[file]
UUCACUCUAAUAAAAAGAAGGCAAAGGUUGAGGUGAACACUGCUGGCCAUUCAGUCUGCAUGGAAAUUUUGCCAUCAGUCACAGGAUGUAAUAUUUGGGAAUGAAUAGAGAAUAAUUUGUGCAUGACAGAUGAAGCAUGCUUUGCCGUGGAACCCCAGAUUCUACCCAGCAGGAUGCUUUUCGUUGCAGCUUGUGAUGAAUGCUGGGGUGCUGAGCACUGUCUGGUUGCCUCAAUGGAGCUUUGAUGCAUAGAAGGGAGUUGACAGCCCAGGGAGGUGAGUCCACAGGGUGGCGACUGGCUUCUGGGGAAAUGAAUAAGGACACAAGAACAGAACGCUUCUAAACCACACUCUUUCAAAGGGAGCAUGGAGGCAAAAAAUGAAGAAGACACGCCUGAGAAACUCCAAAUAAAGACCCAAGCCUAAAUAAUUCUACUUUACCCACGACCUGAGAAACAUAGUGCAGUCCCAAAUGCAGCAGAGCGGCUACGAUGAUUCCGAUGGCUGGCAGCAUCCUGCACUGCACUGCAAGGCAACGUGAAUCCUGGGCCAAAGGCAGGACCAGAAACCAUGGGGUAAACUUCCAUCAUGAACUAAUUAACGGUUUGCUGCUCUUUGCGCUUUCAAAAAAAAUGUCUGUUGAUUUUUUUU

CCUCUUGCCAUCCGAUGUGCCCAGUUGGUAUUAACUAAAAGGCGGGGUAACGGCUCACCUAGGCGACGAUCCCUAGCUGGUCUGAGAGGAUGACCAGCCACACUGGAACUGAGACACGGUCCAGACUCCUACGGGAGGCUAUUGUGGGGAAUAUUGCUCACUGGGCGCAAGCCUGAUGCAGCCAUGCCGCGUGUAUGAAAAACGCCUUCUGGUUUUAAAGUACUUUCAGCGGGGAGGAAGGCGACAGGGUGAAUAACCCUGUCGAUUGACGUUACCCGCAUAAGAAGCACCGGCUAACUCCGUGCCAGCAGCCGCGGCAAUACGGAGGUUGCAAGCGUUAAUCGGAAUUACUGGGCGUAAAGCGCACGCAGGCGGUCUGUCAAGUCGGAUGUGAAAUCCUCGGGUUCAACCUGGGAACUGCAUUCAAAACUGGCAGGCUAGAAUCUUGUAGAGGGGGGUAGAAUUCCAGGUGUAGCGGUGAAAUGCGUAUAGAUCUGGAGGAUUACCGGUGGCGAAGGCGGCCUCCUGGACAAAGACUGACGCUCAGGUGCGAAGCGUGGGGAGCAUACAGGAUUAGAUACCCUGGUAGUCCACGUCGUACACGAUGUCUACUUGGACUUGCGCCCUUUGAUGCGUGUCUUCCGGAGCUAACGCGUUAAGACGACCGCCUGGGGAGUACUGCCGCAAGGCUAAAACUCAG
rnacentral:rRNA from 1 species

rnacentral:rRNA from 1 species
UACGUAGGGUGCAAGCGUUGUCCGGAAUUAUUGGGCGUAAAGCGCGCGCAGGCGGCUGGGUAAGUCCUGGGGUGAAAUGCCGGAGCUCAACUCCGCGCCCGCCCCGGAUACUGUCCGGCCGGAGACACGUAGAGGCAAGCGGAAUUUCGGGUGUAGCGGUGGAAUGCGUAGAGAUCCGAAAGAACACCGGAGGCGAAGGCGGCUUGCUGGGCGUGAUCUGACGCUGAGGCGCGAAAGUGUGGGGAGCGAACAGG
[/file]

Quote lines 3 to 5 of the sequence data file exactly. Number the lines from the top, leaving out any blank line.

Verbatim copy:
rnacentral:rRNA from 1 species

rnacentral:rRNA from 1 species
UACGUAGGGUGCAAGCGUUGUCCGGAAUUAUUGGGCGUAAAGCGCGCGCAGGCGGCUGGGUAAGUCCUGGGGUGAAAUGCCGGAGCUCAACUCCGCGCCCGCCCCGGAUACUGUCCGGCCGGAGACACGUAGAGGCAAGCGGAAUUUCGGGUGUAGCGGUGGAAUGCGUAGAGAUCCGAAAGAACACCGGAGGCGAAGGCGGCUUGCUGGGCGUGAUCUGACGCUGAGGCGCGAAAGUGUGGGGAGCGAACAGG